Wondering about telemedicine?

Millions of Illinoisans are subject to the state’s “stay at home” order because of the ongoing coronavirus outbreak. But while we all endeavor to hang out at home as much as possible, accidents still happen. Sprained ankles, earaches, rashes and any number of other maladies; some small, some large; occur on a daily basis.

But the last thing anyone wants to do these days is go to a doctor’s office or an ER unless they have to. So what to do? Many Illinois health care institutions are expanding their telemedicine services to meet the need during this emergency.

Telemedicine allows patients to get in touch with their health care provider over the phone or via video chat to discuss their symptoms and get medical advice without having to leave home. It is a good way to meet a community’s medical needs without having to compromise your social distancing efforts. 

For those considered to be at high-risk susceptibility to coronavirus, it can be a life-saving tool to limit exposure to the disease.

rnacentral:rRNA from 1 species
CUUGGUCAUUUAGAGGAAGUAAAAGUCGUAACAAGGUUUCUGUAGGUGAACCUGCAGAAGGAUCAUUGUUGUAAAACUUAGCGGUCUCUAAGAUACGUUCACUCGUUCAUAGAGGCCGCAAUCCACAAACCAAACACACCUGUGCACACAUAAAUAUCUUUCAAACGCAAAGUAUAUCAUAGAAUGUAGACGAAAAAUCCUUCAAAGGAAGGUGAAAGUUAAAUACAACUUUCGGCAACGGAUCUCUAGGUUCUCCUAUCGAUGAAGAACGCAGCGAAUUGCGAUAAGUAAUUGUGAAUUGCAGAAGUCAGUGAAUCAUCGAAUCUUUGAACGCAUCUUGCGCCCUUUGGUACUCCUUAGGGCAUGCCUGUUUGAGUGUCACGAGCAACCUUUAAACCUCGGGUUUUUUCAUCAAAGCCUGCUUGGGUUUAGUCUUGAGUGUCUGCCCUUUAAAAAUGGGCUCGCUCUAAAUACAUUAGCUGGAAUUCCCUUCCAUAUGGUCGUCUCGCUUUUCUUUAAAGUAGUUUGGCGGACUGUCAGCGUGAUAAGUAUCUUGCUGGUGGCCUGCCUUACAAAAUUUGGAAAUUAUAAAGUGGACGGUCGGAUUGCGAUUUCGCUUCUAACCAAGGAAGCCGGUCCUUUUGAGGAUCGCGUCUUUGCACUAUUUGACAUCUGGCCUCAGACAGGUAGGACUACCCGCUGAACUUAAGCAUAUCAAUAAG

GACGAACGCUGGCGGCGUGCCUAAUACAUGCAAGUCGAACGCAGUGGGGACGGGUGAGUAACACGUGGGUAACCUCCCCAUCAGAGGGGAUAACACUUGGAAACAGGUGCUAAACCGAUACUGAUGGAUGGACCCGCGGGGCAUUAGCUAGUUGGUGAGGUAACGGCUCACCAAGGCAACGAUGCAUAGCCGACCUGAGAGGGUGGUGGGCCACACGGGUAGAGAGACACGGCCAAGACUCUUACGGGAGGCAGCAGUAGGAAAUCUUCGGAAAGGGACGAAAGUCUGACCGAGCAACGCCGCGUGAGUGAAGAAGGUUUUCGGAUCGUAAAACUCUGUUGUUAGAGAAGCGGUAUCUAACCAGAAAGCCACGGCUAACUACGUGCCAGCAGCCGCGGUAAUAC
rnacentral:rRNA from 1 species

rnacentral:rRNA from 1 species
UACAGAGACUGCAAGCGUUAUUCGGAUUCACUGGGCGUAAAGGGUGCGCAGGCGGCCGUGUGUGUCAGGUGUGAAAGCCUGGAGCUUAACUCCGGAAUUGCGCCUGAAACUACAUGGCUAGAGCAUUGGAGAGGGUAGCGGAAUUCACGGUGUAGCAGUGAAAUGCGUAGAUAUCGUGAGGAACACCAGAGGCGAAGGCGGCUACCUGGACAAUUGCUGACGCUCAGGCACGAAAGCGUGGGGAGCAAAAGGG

Loren Hughes, president of Springfield’s HSHS Medical Group told Fox Illinois about their efforts to encourage patients to use telemedicine.

“A patient can log in and using technology and video technology, our providers can sit at another location and actually see the patient and talk to the patient,” Hughes said.

The American Academy of Family Physicians has been encouraging patients and providers alike to take advantage of telemedicine technology to keep people safe during the coronavirus outbreak, “as an appropriate and efficient means of improving health, when conducted within the context of appropriate standards of care.”

The federal Centers for Medicaid and Medicaid Services recently released a fact sheet on these telemedicine services and also more information on how Medicaid patients might access them.

Telemedicine has also provided a unique service during this emergency, as it allows doctors who might be themselves in quarantine to keep seeing patients from home. It offers a chance to keep staffing levels at hospitals and offices from falling off during the outbreak.

So if your home improvement project is interrupted by a smashed thumb, or dinner is delayed by a burn from a hot pan, don’t reach for the car keys for a trip to the clinic. Instead reach for your phone to find out if your health care provider offers telemedicine services. 

You just might be able to get the care you need from the comfort of your own self-quarantine.